Joma Shinji takes place at Tsurugaoka Hachimangu Shrine in Kamakura on January 5th. The ritual dates back to a time when Kamakura was the military capital of Japan (1185-1333). The first hereditary shogun, Minamoto no Yoritomo, promoted a variety of military type rituals usually involving archery such as Joma Shinji. In his day, the bow was the primary weapon of the samurai, their profession being known as “The Way of the Horse and Bow.”

Yoritomo was keen that his warriors not become soft even in times of peace. He was all too mindful of what had happened with his enemies, the Taira family. The Taira were once the dominate samurai clan of Japan but they became too intoxicated with the luxuries that power can bring and many of them preferred to excel in non-warrior pursuits such as music and poetry.

War broke out between the Taira and Minamoto and eventually the Taira were utterly defeated in 1185. It has often been pointed out that the Taira’s love of luxury and leisurely pursuits were a major factor in their downfall. Yoritomo did not want the same happening to his samurai so he decided to place his shogunate capital in Kamakura far away from the debilitating influence of the aristocratic culture of Kyoto and he encouraged the continual practice of the bow in annual rituals and contests.

Today the Ogasawara Ryu, a school of Japanese Archery, conducts the Joma Shinji Ritual. The Ogasawara school and clan was established in the Kamakura Era by Ogasawara Nagakiyo who became an archery instructor to Yoritomo. The Ogasawara Ryu does a number of archery events throughout the year including Yabusame, mounted archery.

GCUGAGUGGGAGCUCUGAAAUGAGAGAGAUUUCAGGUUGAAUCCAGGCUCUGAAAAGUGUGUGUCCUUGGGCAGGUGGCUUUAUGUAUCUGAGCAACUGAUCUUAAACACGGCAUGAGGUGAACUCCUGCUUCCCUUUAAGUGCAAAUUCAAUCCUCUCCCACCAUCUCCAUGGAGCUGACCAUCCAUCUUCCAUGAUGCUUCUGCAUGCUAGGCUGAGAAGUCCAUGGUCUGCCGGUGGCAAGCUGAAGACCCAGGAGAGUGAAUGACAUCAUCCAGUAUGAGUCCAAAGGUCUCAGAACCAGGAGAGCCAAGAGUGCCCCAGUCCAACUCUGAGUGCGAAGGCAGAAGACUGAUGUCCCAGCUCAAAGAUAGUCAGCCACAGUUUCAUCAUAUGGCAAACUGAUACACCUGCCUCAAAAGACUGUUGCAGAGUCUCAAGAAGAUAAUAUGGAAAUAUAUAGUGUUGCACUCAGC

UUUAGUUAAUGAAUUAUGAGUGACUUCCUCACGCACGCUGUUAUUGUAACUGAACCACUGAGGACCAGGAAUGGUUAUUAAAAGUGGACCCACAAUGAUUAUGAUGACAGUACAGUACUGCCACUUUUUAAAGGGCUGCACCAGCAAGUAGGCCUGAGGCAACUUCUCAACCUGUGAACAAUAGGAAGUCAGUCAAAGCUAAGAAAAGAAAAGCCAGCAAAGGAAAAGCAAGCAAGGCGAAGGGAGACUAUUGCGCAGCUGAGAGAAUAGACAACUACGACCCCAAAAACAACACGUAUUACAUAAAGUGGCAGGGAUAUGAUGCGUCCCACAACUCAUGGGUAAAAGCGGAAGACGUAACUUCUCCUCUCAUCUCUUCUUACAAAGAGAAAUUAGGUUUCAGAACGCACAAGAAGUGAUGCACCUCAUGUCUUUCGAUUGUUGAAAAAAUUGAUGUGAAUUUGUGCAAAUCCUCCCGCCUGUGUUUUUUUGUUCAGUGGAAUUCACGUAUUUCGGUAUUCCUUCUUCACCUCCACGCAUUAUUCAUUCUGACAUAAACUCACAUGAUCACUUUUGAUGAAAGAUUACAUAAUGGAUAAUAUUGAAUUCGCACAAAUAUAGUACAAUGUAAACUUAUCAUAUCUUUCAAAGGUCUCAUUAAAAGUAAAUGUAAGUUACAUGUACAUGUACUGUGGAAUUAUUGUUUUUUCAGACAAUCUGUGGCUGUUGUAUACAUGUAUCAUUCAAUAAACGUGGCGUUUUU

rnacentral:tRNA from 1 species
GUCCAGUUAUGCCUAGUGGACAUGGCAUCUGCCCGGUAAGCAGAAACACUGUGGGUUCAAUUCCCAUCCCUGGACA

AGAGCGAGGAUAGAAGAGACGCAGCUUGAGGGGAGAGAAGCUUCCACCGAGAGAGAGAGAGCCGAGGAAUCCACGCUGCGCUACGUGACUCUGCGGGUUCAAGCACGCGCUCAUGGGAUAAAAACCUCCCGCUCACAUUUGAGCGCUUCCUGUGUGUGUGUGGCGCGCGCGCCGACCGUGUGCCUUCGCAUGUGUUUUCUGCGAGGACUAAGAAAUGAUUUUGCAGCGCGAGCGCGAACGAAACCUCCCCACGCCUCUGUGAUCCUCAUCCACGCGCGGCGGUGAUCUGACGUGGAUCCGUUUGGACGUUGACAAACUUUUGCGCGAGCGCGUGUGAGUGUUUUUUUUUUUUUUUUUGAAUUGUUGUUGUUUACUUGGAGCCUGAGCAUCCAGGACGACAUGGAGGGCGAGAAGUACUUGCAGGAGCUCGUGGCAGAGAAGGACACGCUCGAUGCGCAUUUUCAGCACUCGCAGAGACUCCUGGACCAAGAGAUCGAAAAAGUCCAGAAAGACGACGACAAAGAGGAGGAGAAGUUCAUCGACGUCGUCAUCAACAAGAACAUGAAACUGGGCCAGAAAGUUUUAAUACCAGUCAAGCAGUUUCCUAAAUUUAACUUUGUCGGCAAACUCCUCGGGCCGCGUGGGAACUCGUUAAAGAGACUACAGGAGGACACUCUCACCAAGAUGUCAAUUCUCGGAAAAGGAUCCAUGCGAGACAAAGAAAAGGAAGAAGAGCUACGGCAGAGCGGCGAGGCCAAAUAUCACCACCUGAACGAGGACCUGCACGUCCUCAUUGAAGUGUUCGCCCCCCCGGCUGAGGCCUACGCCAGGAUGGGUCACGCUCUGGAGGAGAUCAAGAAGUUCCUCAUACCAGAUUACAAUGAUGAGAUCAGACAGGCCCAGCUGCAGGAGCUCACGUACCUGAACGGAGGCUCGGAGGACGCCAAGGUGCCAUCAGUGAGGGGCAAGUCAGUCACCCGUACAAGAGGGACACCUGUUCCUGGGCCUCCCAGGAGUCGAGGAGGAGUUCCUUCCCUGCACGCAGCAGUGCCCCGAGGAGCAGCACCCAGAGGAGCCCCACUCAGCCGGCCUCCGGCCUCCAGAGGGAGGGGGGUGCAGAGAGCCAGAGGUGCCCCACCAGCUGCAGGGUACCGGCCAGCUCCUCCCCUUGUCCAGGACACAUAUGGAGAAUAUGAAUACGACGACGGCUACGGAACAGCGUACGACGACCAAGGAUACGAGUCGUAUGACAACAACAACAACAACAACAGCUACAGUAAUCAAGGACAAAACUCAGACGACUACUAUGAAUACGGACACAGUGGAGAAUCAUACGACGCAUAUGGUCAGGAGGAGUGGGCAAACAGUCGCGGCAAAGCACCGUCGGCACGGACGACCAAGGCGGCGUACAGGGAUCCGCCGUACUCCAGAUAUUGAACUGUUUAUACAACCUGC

For more photos check here: Joma Shinji Photos

January 22, 2012 Posted by | 2012, Archery, culture, history, japan, japanese archery, japanese culture, japanese history, Japanese martial arts, kyudo, New Years, Shinto, travel, youtube, zen | , , , , , , , , , | 5 Comments

Yabusame – Gunslingin’ Samurai (Japanese Mounted Archery)

Yabusame is a Japanese Shinto ritual involving mounted archery. Archers ride at a full gallop and shoot at three targets set up at certain intervals. Hitting all three, an archer is considered to be very skillful. The ritual is purpose is to bring prosperity and peace.

The video is a complilation of Yabusame events I have been to over the last two years. There are two different schools of Yabusame – Ogasawara Ryu who perform at Asakusa (here 2007&2008) and Takeda Ryu who perform at Meiji Shrine (2006), Miura (2007), and Kamakura (Spring 2007 & Fall 2008)

The song is called “Gunslinger Man” and it fits with the old tradition of samurai on horseback using bows rather than spears and swords as they did later. The Yabusame costume looks rather cowboy-ish.

The music is by the Exotic Ones:
http://www.myspace.com/exoticones

This also a tribute to the memory of a friend of mine who passed away a few years ago:
Jack Hunter Dave, Jr who wrote and sung the song “Gunslinger Man.”
http://my.att.net/p/s/community.dll?ep=87&subpageid=150399&ck=

November 28, 2008 Posted by | Archery, Blogroll, culture, entertainment, festival, japan, japanese archery, japanese culture, life, martial arts, mounted archery, tokyo, travel, video, Yabusame, youtube, zen | , , , , , , | Leave a comment